Plant Evolution and Diversity
In the Real World
Environment and Plant Evolution and Diversity
A major way humans are changing the environment is by moving plants around to new habitats. We are taking plants out of the habitats in which they evolved and are putting them in new ones, which has a huge effect on plant diversity—some plants become invasive, and invasive plants threaten native plant diversity by outcompeting the plants native to an area. Invasive plants reproduce very quickly and spread to new areas. These plants don't only decrease native diversity, but can cost a lot of money in damage control. Invasive species are thought to be the second greatest threat to biodiversity, after habitat loss (Wilcove et al. 1998).
When plants are moved into an environment in which they did not evolve, sometimes they just don't survive or reproduce there, and they die. However, some plants are good at dealing with a wide range of conditions. These plants are the ones that might be problematic.
Some famous invasive plants are kudzu in the southeastern United States, purple loosestrife in most of the United States, and prickly pear cactus in Australia. In the United States, over $100 million a year is spent controlling invasive plants in waterways. That doesn't include control efforts in forests, farms, or national parks. So how do these plants get so out of control?
Kudzu is native to Japan and China but was introduced to the United States in the late 1800s. It has spread across much of the eastern US, and forms dense thickets, covering other plants in its path.
(Public domain image from US Fish and Wildlife Service, available at http://commons.wikimedia.org/wiki/File:Kudzu.jpg)
There are lots of different theories about how invasive plants succeed in new habitats, but two in particular have to do with evolution:
• Enemy Release Hypothesis (ERH)
• Evolution of Increased Competitive Ability Hypothesis (EICA)
The idea behind Enemy Release is that in their native habitat, plants have animals that like to eat them or pathogens (fungi or bacteria) that infect them. These "natural enemies" probably co-evolved with the plant. This means some plants die from the enemy attacks, but a big battle of natural selection is going on. The plants that survive longer and produce more offspring than other plants (that get eaten or infected sooner) may have some sort of resistance to the enemy. Maybe they are less tasty, or hairier, or more resistant to disease. They will pass these traits on to their offspring, and the next generation will be slightly more resistant to enemy attack. However, natural selection is happening on the enemy's side too. Let's say the plants have chemicals in their leaves that are toxic to bugs. Most bugs die when they eat the toxic leaves. Yet some bugs, for some reason, are resistant to the toxin and can eat the leaves and survive to reproduce. They might pass this trait onto their offspring, and all of a sudden there are lots of bugs that can eat the leaves without dying.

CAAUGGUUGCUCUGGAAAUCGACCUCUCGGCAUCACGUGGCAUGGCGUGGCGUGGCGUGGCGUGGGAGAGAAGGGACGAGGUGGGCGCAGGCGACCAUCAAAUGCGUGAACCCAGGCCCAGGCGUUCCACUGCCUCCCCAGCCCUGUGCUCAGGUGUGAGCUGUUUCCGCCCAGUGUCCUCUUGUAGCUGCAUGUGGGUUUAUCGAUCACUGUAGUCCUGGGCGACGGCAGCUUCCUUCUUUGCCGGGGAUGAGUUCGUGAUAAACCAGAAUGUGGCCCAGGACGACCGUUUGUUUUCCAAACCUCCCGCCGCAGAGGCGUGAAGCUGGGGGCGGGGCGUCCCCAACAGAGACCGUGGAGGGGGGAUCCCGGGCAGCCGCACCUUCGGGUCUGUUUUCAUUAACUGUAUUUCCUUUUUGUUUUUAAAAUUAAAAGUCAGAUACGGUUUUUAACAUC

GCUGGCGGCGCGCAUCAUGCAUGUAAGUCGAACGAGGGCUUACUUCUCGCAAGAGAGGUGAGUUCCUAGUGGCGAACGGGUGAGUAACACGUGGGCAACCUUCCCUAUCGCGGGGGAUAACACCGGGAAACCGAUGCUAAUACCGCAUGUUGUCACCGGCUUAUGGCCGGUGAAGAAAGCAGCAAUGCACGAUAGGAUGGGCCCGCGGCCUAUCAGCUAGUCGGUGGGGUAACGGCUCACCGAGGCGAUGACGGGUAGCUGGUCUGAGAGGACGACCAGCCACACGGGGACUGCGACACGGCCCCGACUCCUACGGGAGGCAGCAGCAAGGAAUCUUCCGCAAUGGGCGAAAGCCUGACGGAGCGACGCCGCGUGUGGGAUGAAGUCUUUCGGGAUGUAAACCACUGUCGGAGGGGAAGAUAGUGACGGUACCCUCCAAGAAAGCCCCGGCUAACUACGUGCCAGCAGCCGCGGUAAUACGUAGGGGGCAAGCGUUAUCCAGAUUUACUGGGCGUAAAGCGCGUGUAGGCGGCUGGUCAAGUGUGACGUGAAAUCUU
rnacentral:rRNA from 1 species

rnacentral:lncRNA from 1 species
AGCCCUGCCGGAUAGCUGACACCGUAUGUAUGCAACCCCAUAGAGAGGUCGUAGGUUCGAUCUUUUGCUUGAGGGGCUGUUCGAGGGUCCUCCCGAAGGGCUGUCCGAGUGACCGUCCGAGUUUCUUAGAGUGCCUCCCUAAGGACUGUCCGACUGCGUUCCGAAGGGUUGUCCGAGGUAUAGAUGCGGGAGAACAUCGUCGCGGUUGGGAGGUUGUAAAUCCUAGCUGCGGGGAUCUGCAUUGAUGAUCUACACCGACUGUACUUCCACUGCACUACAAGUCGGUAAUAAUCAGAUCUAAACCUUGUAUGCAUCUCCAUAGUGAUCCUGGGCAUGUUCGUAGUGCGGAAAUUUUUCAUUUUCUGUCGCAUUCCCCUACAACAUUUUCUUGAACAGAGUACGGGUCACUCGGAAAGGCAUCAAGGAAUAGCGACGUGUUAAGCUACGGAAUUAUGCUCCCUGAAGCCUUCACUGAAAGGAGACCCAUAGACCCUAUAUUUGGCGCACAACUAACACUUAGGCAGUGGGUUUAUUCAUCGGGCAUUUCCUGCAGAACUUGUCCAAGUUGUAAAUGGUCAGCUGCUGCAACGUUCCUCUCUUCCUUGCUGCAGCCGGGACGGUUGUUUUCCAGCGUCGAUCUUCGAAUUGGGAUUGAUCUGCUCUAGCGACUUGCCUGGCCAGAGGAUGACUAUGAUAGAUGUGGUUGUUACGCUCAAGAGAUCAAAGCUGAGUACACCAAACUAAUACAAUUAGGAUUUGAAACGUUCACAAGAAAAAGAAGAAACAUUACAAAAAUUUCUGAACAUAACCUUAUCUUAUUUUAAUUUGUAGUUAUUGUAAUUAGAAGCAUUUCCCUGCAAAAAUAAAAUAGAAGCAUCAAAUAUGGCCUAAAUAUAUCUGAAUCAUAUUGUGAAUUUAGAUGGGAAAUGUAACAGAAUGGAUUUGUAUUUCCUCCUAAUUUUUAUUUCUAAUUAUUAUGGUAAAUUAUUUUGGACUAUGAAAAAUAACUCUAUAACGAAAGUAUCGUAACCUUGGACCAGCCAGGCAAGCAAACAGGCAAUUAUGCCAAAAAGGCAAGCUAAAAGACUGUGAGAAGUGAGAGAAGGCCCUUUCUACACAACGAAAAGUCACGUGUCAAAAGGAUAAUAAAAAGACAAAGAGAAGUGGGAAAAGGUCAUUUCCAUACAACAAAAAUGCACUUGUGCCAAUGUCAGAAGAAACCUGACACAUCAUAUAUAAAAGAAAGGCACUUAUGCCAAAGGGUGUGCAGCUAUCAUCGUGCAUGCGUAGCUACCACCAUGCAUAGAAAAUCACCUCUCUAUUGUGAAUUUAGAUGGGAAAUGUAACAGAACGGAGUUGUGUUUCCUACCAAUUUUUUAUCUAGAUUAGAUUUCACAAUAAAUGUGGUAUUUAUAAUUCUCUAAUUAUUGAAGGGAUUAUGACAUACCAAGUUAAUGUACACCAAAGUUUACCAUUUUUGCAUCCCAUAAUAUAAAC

The way natural selection works, plants that produce more potent toxins will survive in greater numbers than plants producing less toxic leaves. However, the bugs' natural resistance can keep growing from generation to generation. This whole scenario is an example of what's called an evolutionary arms race—each side keeps building up their defense strategy but each side catches up with the other.
Now let's say we take the plant out of its natural environment (e.g. Florida) and take it to a new one (e.g. Hawaii). The plant still has its toxic leaves, but the little bug that was developing resistance to it is not in the new environment. In the new environment, there is nothing that can eat the leaves of the plant because they are so toxic. The plant has escaped its natural enemies and can survive and reproduce quite well because nothing has evolved the ability to eat it.
The Evolution of Increased Competitive Ability (EICA) Hypothesis builds on the co-evolution idea proposed in the Enemy Release hypothesis, but involves the plant evolving in its new habitat. A fundamental difference is that EICA assumes that the plants are not as successful when they first arrive in the new habitat as they are in later generations.
The creators of EICA, Bernd Blossey and Rolf Notzold, realized that there is often a lag between the time a plant is introduced somewhere and the time it starts spreading rapidly around the land. They proposed that because the plant was taken out of its natural habitat and no longer has to produce energetically costly defenses against its natural enemies, it could put those resources into growing bigger and stronger (or bigger and more prolific in its seed production). In other words, the plant evolves to be a better competitor in its new environment.
Blossey and Notzold tested the EICA Hypothesis by comparing plant growth of purple loosestrife from European seeds (native range) and American seeds (introduced range) in the same conditions. They found that the American seeds grew into bigger plants even though they were growing in the same soil and under the same conditions as the European plants. But hey, you could just say the plants were following the American Dream. The American plants were also less resistant to a beetle that attacks purple loosestrife in its native range.
Not all invasive species become bigger in their introduced ranges, so EICA does not hold for all invasives. Either the ERH or EICA could apply to different invasive plants, and some invasive species are successful for other reasons. This is an active area of research, so scientists don't have all the answers yet.
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